March 19, 2021 4 min read
For many DC Comics fans, the release of this film is an event in itself. Ever since Snyder’s falling out with WB in 2017 following the personal loss of his daughter, Autumn, and Whedon’s watered-down version of the League, careless whispers flooded the branches of the Internet. Was there really such a thing as the ‘Snyder Cut?
After three years of the relentless campaign on social media — which can only be dubbed as the ‘Release the Snyder Cut’ movement — fans started a revolution against the studio to release Zack’s original vision. HBO Max, a streaming platform taking its baby steps in the world of streaming was the lucky one to bag the rights. And so finally, after four years of a hard-fought struggle, the Snyder Cut was finally released in 7 chapters as a 4-hour epic. But does it live up to the hype?
The theme of the film remains pretty much the same, Batman assembles a team of superheroes to combat the inevitable alien threat that is on its way. But Zack Snyder’s cut differs significantly from Whedon’s. The characters are more fleshed out, with each of them getting a considerable amount of backstory along with a more menacing villain. Whedon had chopped off all the backstory and some of the front story too. Darkseid was scrapped completely.
Snyder’s longer yet enriched film is not for everyone, It will test your patience. He takes his time to establish camaraderie between the heroes, giving us a reason to care about their fate. This time, each of their individual story arcs is handled with precision and care, converging to a logical focal point. There is a lot more and better humor than you would normally see in a Snyder film, especially from The Flash, but it does not distract and take you away from the plot. An undeniably strong family arc that pervades the entire narrative from start to finish. Lois and Martha mourning the loss of Superman, Barry Allen’s scenes with his father, Cyborg’s backstory — all of these come together in the third act with an emotionally touching monologue from Silas. Every scene is coherent and flows more organically to the next. The sequencing of chapters just goes to show just how big a comic book geek Snyder really is and just re-establishes the fact that he is someone who believes in respecting the tone of the comic books.
Ray Fisher’s Cyborg forms the backbone of the story, with his character undergoing deep conflict both with his father as well as a lack of belief in the goals of the League. How he copes with his struggle, and eventually makes the right decision is beautifully interwoven with the bigger scheme of the Mother Boxes and world domination. Snyder also justifies the inclusion of certain scenes in previous films such as the callback to The Flash’s cameo in Batman V Superman. We finally learn that that scene in particular may have even bigger consequences than we ever imagined. Superman’s resurrection feels more structured with the unveiling of the highly anticipated black suit (which was again, scrapped in 2017).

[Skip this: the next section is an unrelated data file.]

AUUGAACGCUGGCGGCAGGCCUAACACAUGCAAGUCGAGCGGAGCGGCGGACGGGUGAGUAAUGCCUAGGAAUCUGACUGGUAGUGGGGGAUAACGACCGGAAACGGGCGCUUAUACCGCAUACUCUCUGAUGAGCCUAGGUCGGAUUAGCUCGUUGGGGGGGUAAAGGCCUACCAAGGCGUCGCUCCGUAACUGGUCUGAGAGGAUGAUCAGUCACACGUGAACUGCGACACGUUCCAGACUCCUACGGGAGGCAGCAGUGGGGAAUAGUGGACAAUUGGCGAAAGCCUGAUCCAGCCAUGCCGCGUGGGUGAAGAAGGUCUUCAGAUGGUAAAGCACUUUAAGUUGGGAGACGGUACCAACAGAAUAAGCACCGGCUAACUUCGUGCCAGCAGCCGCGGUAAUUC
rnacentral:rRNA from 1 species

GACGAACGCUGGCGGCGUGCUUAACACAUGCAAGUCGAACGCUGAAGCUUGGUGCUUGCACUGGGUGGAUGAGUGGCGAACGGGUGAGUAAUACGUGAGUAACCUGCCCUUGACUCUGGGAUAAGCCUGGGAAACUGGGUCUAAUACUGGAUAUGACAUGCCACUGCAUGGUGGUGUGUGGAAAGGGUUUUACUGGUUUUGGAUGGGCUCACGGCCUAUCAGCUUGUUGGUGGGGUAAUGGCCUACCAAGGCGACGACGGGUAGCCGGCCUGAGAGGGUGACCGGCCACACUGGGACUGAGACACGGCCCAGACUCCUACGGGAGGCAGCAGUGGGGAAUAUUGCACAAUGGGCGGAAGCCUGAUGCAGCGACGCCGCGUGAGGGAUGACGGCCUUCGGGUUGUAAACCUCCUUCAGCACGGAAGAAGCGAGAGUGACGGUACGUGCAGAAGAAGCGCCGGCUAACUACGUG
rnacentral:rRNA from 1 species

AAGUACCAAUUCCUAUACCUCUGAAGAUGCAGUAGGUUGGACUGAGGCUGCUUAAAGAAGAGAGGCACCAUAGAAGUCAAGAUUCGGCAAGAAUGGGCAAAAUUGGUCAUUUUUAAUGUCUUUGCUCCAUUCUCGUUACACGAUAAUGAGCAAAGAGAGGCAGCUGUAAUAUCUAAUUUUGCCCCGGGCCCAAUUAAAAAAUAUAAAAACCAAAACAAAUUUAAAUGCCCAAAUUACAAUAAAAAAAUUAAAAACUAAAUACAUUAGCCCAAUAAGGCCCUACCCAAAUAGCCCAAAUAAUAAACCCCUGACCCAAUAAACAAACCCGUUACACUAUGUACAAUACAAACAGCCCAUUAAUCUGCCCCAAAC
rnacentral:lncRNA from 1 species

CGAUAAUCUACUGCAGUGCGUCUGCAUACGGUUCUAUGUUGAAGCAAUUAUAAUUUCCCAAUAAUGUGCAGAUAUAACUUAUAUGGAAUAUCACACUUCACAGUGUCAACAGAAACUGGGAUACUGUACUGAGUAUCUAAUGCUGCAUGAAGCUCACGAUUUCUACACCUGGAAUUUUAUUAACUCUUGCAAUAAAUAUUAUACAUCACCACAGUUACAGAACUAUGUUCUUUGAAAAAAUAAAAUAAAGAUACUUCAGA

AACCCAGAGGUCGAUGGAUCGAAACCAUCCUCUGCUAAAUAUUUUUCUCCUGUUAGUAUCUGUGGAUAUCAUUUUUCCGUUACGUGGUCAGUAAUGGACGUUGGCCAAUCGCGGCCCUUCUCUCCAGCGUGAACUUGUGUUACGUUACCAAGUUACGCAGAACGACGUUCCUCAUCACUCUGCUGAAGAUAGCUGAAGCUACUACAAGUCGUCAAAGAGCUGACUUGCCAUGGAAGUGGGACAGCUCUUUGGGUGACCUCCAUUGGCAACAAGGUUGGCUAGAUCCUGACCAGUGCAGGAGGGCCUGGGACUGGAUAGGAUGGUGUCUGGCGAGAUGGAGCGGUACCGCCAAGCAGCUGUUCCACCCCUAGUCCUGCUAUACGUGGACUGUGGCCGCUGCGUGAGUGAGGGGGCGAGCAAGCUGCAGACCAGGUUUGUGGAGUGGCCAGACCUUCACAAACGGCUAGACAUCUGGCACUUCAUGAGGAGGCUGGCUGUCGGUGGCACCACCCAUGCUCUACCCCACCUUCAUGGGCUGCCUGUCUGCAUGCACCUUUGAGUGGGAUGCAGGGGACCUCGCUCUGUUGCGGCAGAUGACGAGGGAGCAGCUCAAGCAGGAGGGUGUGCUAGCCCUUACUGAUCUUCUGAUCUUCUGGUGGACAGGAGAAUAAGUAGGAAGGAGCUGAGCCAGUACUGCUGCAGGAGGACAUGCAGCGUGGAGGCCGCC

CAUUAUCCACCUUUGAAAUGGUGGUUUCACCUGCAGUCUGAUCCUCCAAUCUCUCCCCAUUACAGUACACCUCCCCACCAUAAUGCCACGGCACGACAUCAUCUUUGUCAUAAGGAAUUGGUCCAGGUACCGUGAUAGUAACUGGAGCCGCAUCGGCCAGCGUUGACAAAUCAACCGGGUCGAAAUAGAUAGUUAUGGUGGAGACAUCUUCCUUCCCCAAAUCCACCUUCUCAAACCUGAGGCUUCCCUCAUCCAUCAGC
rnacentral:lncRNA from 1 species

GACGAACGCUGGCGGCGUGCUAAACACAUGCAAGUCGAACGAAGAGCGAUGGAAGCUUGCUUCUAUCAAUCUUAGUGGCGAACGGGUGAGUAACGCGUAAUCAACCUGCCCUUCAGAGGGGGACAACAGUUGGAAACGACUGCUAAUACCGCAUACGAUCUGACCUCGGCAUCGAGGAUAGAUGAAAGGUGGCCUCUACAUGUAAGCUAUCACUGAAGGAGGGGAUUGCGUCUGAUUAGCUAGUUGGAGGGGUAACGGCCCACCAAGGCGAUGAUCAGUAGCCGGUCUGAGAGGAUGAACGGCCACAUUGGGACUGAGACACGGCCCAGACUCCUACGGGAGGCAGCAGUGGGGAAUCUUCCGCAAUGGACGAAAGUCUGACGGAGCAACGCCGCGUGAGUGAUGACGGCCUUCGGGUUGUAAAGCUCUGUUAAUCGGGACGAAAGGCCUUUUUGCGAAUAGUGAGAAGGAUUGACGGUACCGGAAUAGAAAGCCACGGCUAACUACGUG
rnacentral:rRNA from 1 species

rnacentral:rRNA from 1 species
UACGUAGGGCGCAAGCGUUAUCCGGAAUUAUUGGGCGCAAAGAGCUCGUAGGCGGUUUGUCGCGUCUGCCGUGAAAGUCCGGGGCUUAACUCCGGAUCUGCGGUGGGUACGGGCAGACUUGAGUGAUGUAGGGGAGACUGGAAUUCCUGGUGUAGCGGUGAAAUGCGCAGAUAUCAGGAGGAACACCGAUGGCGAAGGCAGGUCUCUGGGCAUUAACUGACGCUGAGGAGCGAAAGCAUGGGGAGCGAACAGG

With a 4 hour plus running time Snyder has used this duration to perfection. He has garnished the film with visually stunning slow-motion shots something he is very known for. The inner DC fan will gasp for air with the amount of detail has been put in these beautifully produced action shots. The over-saturated weird effects from Whedon is nowhere to be seen in the film, instead we get the grittier dark tones in visuals that DC is known for. And we can finally say goodbye to mustache gate.
The scene featuring Stephenwolf vs Amazon is simply brilliant. The action is logical and it literally sets up the entire film. With the flashback to Darkseid fighting the Atlantians, Amazons and Lanterns Snyder really channels his inner fanboy and gives a truly satisfying and exciting set up of the universe to the inner fan in us.
Junkie XL has been brought back to perform the score and plays a vital role in making the director’s vision to life, the revamped Wonder Woman theme will give you goosebumps. Snyder has gone to great lengths to complete the film which included refusing a salary for the remaining work that needed to be done to complete his vision. He did this to gain creative control over WB and from the looks of the end product, the decision was worth its weight in gold.
The film ends in a cliffhanger that is sure to make the DC fans yearn for a sequel or maybe two. Snyder has re-iterated that the ending was intentional even though the possibility of another Justice League film looks far fetched (Never Say Never). It was his vision and that was exactly how he was going to wrap things up — or not! As the end credits roll with Leonard Cohen’s Hallelujah (Autumn’s favorite song), the words “For Autumn” flash on the screen bringing the film’s family theme to full circle.
VERDICT: Epic, immersive and enthralling, the Snyder Cut is everything DC fans wanted it to be, four years ago.